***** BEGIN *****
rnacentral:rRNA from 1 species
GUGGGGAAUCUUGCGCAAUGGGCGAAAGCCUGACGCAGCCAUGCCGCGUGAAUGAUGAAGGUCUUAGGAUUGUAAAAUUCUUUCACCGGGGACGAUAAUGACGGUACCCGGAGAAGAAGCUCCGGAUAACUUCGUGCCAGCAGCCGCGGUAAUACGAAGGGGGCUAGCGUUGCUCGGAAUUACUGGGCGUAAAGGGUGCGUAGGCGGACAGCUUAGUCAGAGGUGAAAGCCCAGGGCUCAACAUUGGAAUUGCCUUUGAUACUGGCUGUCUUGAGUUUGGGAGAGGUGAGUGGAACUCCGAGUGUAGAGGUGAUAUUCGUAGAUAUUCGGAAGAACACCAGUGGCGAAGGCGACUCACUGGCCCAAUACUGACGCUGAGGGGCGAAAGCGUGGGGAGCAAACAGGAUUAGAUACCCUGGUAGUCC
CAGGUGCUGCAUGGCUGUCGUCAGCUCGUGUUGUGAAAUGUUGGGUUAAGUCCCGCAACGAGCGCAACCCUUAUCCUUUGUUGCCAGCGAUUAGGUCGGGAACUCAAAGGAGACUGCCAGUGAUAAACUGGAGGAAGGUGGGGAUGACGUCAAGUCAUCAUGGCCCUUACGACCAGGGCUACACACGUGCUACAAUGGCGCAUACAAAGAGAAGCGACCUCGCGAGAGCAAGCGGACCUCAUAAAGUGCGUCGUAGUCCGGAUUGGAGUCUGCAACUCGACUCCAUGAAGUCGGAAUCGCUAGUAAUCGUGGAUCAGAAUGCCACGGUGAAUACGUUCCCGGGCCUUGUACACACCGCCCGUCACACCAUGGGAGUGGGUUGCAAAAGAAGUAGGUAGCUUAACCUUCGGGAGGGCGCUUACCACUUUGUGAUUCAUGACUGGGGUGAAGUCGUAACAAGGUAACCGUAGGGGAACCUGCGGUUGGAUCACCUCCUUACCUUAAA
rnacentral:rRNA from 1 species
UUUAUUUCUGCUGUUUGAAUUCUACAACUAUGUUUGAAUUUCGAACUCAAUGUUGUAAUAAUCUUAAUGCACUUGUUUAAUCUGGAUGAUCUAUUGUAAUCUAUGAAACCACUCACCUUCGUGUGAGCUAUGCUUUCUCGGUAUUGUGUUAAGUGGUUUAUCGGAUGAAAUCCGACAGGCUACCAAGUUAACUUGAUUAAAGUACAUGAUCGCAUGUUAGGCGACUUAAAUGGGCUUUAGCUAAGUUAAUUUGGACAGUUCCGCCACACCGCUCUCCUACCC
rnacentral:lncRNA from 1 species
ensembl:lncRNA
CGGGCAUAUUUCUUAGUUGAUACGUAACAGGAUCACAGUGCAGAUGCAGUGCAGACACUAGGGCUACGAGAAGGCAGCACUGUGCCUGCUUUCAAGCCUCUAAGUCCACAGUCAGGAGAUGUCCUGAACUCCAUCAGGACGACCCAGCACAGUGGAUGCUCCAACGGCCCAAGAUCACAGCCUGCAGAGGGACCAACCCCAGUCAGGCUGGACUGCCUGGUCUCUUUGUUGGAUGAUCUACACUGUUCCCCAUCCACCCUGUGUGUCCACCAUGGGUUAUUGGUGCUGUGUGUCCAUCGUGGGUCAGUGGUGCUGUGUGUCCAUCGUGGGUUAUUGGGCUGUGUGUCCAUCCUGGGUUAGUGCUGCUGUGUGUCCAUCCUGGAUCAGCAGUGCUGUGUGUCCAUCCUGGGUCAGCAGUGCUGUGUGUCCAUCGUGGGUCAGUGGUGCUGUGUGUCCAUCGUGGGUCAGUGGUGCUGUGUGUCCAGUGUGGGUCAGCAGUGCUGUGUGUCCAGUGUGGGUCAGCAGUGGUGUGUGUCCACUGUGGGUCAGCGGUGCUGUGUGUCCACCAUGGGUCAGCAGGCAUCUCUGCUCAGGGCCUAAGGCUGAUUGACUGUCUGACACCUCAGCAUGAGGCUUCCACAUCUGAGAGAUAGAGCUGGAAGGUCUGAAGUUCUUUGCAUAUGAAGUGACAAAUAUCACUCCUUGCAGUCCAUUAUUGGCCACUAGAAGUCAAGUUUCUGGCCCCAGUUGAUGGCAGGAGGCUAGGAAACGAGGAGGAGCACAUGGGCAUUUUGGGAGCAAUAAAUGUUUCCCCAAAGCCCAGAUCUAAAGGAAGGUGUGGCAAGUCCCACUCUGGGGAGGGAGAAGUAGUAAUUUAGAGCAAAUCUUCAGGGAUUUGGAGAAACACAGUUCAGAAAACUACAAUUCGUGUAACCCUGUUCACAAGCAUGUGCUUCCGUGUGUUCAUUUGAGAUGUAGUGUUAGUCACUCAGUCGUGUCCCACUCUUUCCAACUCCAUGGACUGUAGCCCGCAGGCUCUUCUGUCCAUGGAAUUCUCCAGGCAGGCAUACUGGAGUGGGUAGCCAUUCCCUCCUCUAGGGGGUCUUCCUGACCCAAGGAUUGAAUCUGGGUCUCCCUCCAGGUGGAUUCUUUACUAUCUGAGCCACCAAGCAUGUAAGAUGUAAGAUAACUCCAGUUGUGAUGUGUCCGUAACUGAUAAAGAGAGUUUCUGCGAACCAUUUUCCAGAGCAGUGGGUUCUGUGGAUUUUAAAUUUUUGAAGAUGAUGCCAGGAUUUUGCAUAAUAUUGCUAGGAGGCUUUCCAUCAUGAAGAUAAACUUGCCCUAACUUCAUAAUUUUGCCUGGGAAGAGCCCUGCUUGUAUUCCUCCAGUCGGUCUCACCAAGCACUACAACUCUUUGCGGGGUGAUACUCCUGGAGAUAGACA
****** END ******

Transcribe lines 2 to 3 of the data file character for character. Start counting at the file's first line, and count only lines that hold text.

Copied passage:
GUGGGGAAUCUUGCGCAAUGGGCGAAAGCCUGACGCAGCCAUGCCGCGUGAAUGAUGAAGGUCUUAGGAUUGUAAAAUUCUUUCACCGGGGACGAUAAUGACGGUACCCGGAGAAGAAGCUCCGGAUAACUUCGUGCCAGCAGCCGCGGUAAUACGAAGGGGGCUAGCGUUGCUCGGAAUUACUGGGCGUAAAGGGUGCGUAGGCGGACAGCUUAGUCAGAGGUGAAAGCCCAGGGCUCAACAUUGGAAUUGCCUUUGAUACUGGCUGUCUUGAGUUUGGGAGAGGUGAGUGGAACUCCGAGUGUAGAGGUGAUAUUCGUAGAUAUUCGGAAGAACACCAGUGGCGAAGGCGACUCACUGGCCCAAUACUGACGCUGAGGGGCGAAAGCGUGGGGAGCAAACAGGAUUAGAUACCCUGGUAGUCC
CAGGUGCUGCAUGGCUGUCGUCAGCUCGUGUUGUGAAAUGUUGGGUUAAGUCCCGCAACGAGCGCAACCCUUAUCCUUUGUUGCCAGCGAUUAGGUCGGGAACUCAAAGGAGACUGCCAGUGAUAAACUGGAGGAAGGUGGGGAUGACGUCAAGUCAUCAUGGCCCUUACGACCAGGGCUACACACGUGCUACAAUGGCGCAUACAAAGAGAAGCGACCUCGCGAGAGCAAGCGGACCUCAUAAAGUGCGUCGUAGUCCGGAUUGGAGUCUGCAACUCGACUCCAUGAAGUCGGAAUCGCUAGUAAUCGUGGAUCAGAAUGCCACGGUGAAUACGUUCCCGGGCCUUGUACACACCGCCCGUCACACCAUGGGAGUGGGUUGCAAAAGAAGUAGGUAGCUUAACCUUCGGGAGGGCGCUUACCACUUUGUGAUUCAUGACUGGGGUGAAGUCGUAACAAGGUAACCGUAGGGGAACCUGCGGUUGGAUCACCUCCUUACCUUAAA